Anthony Crowdell: Hey, just two quick ones. Most of them have been already answered my questions, but just I think you talked about a potential rate filing late first quarter, early second quarter electric filing. Just do you expand the undergrounding program in that filing or as much as you'd like to disclose thoughts on expanding the undergrounding and the filing?

Gerardo Norcia: Anthony, we put five miles underground in last year in 2023, and it went really well. And what we're doing is proposing that we continue to do more. This is going to take a few years to ramp, Anthony, as we kind of work with our commission. We actually had the commission staff looking at some of the undergrounding that we did in the last few days. And so they -- I think there's a process here to make sure that we're working together with our commission, come up with a reasonable plan. I would say the key part of it is we need to ensure that on an NPV basis, undergrounding is going to be least equivalent or better than putting it up in the air. We've got 19,000 miles of infrastructure to replace that's very old. It's a 4.8 kV system. So, a huge opportunity from a customer perspective to improve infrastructure for the future. And we'd like to put as much of that underground as we can, but we're going to have to prove out the concept. So, we're in the early stages of proving it out and to ourselves and then secondly, to our commission. So, that's where we're at with it. I think it's going to take a few years before we can ramp it, but we feel pretty good about how smoothly the first five miles went. It's all directional bore through very highly congested urban areas. So, a very cool project. More to come on that.

Anthony Crowdell: And then just a quick follow-up. I guess, I'll throw it to you, Dave or Jerry, if you want to take this, it's fine. Just I guess on a credit metric basis, where did you end 2023, and I think your target range is 15% to 16%. When do you believe you'll hit that target range?

David Ruud: Yes, we did end 2023 right around 15%, Anthony. And as we look through the five-year plan, we stay within that range throughout the five-year plan that we talked about, even with the minimal equity that we're issuing.

Anthony Crowdell: Great. Thanks for taking my questions and congrats on a good quarter.

Gerardo Norcia: Thank you, Anthony.

Operator: Next question comes from the line of Ryan Levine with Citi. Please go ahead. Excuse me Mr. Ryan Levine, your line is open. Please go ahead with your question.

Ryan Levine: Apologize. So, good morning. Hoping to follow-up on the utility ownership for PPA and some of the generation assets. Is your plan largely solidified at that point? Or is there opportunity to convert some of the owned assets into PPAs given the incentives that the law provides.

Gerardo Norcia: I'll let -- Ryan, thanks for the question. I'll let Dave sort of elaborate, but I'll start by saying that we prefer to own the assets for really two reasons. One is if you look at the value to our customers, it's much more affordable for our customers for us to own the assets. And then secondly, for investors, it provides a much greater significant EPS growth opportunity if we own. So, we don't see converting any current ownership to PPAs. Dave, did you want to add to that?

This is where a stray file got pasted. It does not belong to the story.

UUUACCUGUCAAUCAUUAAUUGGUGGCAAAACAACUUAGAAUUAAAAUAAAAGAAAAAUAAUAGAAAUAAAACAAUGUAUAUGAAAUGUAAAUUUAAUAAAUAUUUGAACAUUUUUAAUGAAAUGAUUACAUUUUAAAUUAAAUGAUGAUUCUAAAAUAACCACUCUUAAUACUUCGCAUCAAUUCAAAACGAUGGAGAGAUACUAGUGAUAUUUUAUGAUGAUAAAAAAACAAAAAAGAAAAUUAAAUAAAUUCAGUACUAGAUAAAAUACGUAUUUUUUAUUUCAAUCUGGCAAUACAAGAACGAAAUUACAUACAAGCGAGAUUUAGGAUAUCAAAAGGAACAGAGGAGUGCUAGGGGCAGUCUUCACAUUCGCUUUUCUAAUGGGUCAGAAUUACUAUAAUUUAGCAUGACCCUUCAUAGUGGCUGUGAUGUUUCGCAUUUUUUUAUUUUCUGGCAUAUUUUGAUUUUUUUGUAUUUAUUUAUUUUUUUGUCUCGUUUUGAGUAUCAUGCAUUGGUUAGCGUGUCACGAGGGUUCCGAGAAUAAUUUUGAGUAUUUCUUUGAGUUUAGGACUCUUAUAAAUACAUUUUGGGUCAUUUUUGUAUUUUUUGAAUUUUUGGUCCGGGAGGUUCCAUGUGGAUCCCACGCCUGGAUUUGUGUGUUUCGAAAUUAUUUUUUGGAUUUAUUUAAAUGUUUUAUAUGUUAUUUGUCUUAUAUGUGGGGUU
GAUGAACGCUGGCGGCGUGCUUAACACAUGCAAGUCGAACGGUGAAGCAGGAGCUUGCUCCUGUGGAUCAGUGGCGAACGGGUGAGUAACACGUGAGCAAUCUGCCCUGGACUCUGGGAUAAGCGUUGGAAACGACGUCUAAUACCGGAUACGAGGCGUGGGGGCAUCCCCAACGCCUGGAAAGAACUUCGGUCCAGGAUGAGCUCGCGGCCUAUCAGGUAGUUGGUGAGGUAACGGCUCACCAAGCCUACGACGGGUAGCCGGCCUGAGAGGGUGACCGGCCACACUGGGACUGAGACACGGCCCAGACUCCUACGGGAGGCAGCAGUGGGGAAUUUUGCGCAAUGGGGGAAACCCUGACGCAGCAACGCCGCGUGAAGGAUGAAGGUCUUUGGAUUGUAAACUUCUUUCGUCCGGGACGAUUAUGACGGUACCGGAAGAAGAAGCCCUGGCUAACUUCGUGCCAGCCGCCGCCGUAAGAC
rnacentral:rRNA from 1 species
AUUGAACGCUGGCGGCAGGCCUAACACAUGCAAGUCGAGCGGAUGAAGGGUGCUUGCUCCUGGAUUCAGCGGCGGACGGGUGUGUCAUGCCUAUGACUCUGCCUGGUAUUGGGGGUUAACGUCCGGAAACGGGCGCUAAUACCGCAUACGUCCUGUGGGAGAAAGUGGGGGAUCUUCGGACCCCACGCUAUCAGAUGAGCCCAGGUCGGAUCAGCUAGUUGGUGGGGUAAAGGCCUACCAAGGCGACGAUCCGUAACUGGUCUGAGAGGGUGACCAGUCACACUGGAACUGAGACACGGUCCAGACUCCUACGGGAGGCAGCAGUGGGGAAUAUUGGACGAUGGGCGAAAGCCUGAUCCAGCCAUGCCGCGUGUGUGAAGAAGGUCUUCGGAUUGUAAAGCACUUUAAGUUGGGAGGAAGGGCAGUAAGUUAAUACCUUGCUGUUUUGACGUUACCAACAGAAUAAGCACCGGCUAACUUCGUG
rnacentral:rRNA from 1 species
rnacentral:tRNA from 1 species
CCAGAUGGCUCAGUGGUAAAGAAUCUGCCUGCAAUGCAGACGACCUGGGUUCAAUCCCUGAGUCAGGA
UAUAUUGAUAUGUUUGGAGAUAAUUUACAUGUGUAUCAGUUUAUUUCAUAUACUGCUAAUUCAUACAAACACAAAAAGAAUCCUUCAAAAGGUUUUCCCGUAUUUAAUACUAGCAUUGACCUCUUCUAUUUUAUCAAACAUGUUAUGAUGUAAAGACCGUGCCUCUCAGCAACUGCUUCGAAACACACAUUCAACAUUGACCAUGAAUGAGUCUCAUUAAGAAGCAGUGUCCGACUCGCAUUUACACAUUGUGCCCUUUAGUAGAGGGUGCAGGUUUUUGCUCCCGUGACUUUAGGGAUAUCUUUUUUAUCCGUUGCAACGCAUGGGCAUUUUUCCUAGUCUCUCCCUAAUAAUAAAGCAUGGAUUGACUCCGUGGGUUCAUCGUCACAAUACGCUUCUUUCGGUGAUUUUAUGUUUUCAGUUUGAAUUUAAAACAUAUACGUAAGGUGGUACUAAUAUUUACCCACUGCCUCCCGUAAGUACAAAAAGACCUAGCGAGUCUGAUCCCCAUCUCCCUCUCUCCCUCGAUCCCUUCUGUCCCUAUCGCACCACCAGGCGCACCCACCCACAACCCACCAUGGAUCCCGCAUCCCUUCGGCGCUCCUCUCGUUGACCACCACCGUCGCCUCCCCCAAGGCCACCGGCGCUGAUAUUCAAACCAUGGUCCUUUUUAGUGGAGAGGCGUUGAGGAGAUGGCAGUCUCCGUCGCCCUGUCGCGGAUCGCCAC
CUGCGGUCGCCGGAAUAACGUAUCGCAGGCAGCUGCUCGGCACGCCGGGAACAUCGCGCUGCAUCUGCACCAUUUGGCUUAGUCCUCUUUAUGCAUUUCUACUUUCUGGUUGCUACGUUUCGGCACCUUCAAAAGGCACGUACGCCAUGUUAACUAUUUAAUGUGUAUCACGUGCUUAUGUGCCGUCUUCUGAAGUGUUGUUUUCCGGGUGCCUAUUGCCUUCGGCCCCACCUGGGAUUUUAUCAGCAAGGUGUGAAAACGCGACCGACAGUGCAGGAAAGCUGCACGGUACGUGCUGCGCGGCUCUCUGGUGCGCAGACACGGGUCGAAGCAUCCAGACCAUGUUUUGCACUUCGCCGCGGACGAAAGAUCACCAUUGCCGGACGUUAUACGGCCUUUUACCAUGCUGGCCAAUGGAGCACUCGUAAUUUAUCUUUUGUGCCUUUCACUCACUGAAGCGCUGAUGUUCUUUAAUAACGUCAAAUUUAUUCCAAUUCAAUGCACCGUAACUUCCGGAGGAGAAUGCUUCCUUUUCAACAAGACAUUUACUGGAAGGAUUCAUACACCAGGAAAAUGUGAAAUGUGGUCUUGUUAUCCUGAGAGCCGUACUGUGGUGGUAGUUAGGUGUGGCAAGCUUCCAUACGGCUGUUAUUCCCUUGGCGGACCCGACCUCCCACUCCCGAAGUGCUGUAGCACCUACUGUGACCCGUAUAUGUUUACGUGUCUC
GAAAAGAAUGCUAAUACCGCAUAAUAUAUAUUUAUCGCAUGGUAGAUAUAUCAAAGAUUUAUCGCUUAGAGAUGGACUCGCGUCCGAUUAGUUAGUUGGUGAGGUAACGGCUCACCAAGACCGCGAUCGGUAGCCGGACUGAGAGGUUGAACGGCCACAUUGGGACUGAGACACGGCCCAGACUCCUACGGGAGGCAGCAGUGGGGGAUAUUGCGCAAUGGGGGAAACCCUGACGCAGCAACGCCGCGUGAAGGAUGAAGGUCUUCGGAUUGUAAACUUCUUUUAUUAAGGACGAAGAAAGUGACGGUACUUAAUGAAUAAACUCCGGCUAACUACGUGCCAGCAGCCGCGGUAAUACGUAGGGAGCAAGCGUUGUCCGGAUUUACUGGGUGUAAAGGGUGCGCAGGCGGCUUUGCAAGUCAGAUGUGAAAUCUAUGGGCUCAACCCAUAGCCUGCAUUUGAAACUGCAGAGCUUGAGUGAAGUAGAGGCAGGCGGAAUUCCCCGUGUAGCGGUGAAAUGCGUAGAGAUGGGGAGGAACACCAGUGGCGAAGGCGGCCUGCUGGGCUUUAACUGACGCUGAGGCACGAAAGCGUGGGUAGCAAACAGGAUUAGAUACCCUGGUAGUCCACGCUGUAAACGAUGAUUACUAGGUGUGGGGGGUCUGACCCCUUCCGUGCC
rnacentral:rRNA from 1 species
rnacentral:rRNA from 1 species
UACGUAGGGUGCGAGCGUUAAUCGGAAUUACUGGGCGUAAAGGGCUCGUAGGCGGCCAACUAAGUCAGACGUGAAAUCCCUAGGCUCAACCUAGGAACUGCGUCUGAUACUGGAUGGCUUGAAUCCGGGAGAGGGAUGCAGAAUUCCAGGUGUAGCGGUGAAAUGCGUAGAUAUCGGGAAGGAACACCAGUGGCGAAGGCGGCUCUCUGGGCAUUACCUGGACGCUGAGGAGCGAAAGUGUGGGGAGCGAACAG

David Ruud: No, that's exactly right. It's better for our customers. We've gotten really good at developing these projects. And we're the leading renewable developer in the state and continue to do it and what we see as the lowest price, which is kind of borne out through the auctions that we're in. So we think it's better for our customers. And then on an EPS basis, investing the capital is better for our shareholders as well. So, I don't know that we'll be converting any. We'll do what we need to do. But and the FCM it's great. It's a great addition for the PPAs that we do, but it's still much better for our customers and much better value if we continue to develop these.

Ryan Levine: Okay. And are you still pursuing opportunities to build dedicated pipelines to chemical plants near your service territory, but that you maybe have been pursuing in the last few quarters?

Gerardo Norcia: Are you referring to carbon capture and storage, Ryan?

Ryan Levine: More carbon-dedicated pipes, right?

Gerardo Norcia: Yes, we are. We've got three transactions that are well advanced with large carbon dioxide producers, and we're looking to capture that CO2 source and stored underground essentially under property. These are very short pipelines, a couple of thousand feet each less than a mile. So, we're looking to finalize those arrangements and also satisfy some of the technical conditions precedent that we want to accomplish before we get too far into that business.

Ryan Levine: Okay, great. Thanks for the answers.

Gerardo Norcia: Thanks Ryan.

Operator: I would now like to turn the call back over to Jerry Norcia for closing remarks. Please go ahead.

Gerardo Norcia: Well, thank you, everyone, for joining us today. I'll just go by saying we're feeling great about 2024 and also our long-term plan as well as our position for future years. Have a great morning and stay healthy and safe.

Operator: Ladies and gentlemen, that concludes today's call. Thank you all for joining and you may now disconnect.

This article was generated with the support of AI and reviewed by an editor. For more information see our T&C.